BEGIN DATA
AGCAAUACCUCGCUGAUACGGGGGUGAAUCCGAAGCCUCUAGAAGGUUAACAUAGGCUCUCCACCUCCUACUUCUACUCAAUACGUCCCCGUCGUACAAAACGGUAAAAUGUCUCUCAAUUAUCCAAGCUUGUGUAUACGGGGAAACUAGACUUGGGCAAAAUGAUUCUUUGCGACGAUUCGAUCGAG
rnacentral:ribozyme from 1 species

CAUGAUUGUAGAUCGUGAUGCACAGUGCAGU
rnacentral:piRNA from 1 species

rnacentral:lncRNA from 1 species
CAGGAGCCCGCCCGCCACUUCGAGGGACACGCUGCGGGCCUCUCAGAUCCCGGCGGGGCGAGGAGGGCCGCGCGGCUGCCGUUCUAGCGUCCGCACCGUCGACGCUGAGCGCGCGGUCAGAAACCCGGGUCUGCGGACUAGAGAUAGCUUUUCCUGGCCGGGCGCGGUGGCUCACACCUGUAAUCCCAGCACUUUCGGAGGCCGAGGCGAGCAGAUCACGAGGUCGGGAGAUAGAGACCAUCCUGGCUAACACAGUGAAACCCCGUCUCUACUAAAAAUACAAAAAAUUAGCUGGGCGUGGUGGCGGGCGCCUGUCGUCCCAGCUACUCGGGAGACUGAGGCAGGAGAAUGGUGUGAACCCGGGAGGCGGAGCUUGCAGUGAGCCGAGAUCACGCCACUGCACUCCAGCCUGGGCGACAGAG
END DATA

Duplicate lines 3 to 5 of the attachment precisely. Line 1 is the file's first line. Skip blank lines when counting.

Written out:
CAUGAUUGUAGAUCGUGAUGCACAGUGCAGU
rnacentral:piRNA from 1 species

rnacentral:lncRNA from 1 species